Lexington, MA - November 8, 2012 - Inotek Pharmaceuticals Corp., a leader in the development of innovative drug candidates to address significant diseases of the eye, today announced that a multi-center, randomized, double-masked, placebo-controlled, dose-ranging Phase 2 clinical trial to evaluate the efficacy and safety of its novel eye-drop trabodenoson, also known as INO-8875, in patients with primary open-angle glaucoma or ocular hypertension successfully achieved its primary and secondary endpoints. The data were presented at the Ophthalmology Innovation Summit in Chicago, IL. Trabodenoson was found to reduce intraocular pressure (IOP) by approximately 7 mmHg at 28 days (p< 0.001) and was safe and well tolerated with very good ocular tolerability and less eye redness (hyperemia) than currently approved glaucoma treatments.
Trabodenoson is a first-in-class, highly selective A1 subtype adenosine mimetic for glaucoma and ocular hypertension that binds to epithelial cells in the trabecular meshwork, up-regulating gelatinases that clean out and remodel the meshwork, increasing outflow and restoring a healthier IOP.
“These Phase 2 trabodenoson results are highly encouraging, with the efficacy and safety data suggesting the potential for a glaucoma treatment with a profile superior to currently approved drugs,” said Rudolf A. Baumgartner, MD, Inotek’s Executive Vice President, Chief Medical Officer. “Additionally, based on pharmacodynamics observed in this study, we are also encouraged by the possibility of once-daily dosing, and look forward to exploring this profile in future trials.”
In the Phase 2 study, trabodenoson was found to be safe and well tolerated. Trabodenoson demonstrated: very good ocular and systemic tolerability; reduced hyperemia compared with the current first-line treatment for glaucoma, prostaglandin-based drugs; and no iris pigmentation. Patients receiving trabodenoson experienced IOP reductions of approximately 7 mmHg at 28 days (p-value < 0.001) and about one third of subjects had a response of 8 mmHg or greater. Based on the doses studied so far, the magnitude of IOP reduction is comparable to the efficacy range of prostaglandins, and superior to that of currently approved second-line therapies. Notably, efficacy was found to improve with duration of treatment, and a pharmacodynamic effect was present 24 hours after the last dose, signaling the potential for once-a-day dosing which will be evaluated in future studies.
“Trabodenoson is one of the most promising glaucoma drug candidates in development based on its novel mechanism of action, the safety and efficacy observed to date, and the potential for once-daily dosing.” commented Dr. Jonathan Myers, Director of Glaucoma Fellowship at the Wills Eye Institute. “It appears that trabodenoson works directly at the site most affected in glaucoma, the trabecular meshwork. In glaucoma, the meshwork loses its ability to let aqueous
humor pass easily out of the eye, and with trabodenoson the meshwork’s permeability to fluid is restored. If these data are born out in further clinical evaluation, trabodenoson could shift the paradigm of treatment for patients with glaucoma.”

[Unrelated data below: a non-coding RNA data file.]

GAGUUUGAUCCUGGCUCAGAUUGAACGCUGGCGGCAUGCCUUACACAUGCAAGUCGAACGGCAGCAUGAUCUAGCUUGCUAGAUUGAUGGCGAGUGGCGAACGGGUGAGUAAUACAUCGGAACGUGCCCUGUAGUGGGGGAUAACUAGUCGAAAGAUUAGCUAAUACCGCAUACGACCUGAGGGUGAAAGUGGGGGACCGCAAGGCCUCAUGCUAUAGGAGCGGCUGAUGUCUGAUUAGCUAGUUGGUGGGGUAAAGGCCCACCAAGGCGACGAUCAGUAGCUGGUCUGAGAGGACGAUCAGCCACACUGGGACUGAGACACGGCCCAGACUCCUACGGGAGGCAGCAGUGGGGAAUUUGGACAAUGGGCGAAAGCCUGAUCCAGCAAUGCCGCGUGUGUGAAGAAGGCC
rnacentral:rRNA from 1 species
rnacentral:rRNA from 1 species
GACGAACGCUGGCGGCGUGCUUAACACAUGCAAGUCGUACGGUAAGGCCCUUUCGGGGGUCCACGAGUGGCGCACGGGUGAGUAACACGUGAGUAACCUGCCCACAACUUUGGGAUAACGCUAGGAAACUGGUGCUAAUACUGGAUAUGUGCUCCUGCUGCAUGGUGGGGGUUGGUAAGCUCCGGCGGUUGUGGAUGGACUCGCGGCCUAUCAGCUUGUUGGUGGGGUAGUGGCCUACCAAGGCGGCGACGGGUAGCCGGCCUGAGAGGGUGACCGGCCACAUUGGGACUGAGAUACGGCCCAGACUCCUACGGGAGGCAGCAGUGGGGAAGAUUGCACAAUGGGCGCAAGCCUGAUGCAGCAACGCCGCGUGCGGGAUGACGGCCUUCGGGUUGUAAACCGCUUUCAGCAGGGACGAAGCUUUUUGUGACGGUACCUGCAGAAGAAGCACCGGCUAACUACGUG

“These data confirm our belief that trabodenoson has the potential to be a novel and important treatment option for patients,” said Paul G. Howes, President and Chief Executive Officer of Inotek. “Based on these very strong results, Inotek is planning a comprehensive late-stage clinical development program for trabodenoson, including trials that should complete Phase 2 development for trabodenoson as a first-line treatment, and trials to explore its efficacy in combination with a prostaglandin.”
The recently completed Phase II trial was a multi-center, randomized, double-masked, placebo-controlled, dose-ranging study to evaluate the safety, tolerability, pharmacokinetics, and efficacy of trabodenoson delivered as an eye-drop formulation in patients with primary open-angle glaucoma or ocular hypertension. The trial enrolled 144 patients with IOP greater than or equal to 24 mmHg.
About Trabodenoson for Glaucoma
Glaucoma is a leading cause of blindness globally, and it is broadly accepted that lowering intraocular pressure (IOP) in patients with glaucoma is the only clinically reliable means of slowing the progression of vision loss. Current products for glaucoma, such as beta blockers and prostaglandins, lower IOP by reducing the flow of fluid into the eye or increasing its drainage through a secondary pathway in the eye – the uveoscleral pathway. However, as glaucoma advances with age, outflow through the eye’s trabecular meshwork becomes increasingly difficult as drainage channels narrow, and it is more difficult to lower pressure and slow vision loss only by increasing uveoscleral outflow. As a result, many patients do not respond adequately to the currently approved products, and up to 40% of patients are treated with a combination of products in the hope of achieving targeted reductions in IOP. There remains an unmet need for innovative glaucoma products acting on the pressure sensitive trabecular meshwork to provide improved IOP-lowering efficacy.
Trabodenoson has significant potential as an IOP-lowering medicine, either as monotherapy or in combination with other glaucoma products, because it restores the outflow of aqueous humor through the trabecular meshwork. As validation of its complementary mechanism to other glaucoma products, trabodenoson has shown substantial additivity of IOP-lowering efficacy when combined with the leading glaucoma medicine (latanoprost) in a preclinical model. As a highly selective adenosine-1 receptor agonist, trabodenoson has a novel mechanism differentiating it from currently approved products and other candidates in development for glaucoma in that it enhances an innate cellular signaling pathway to improve outflow through the trabecular meshwork.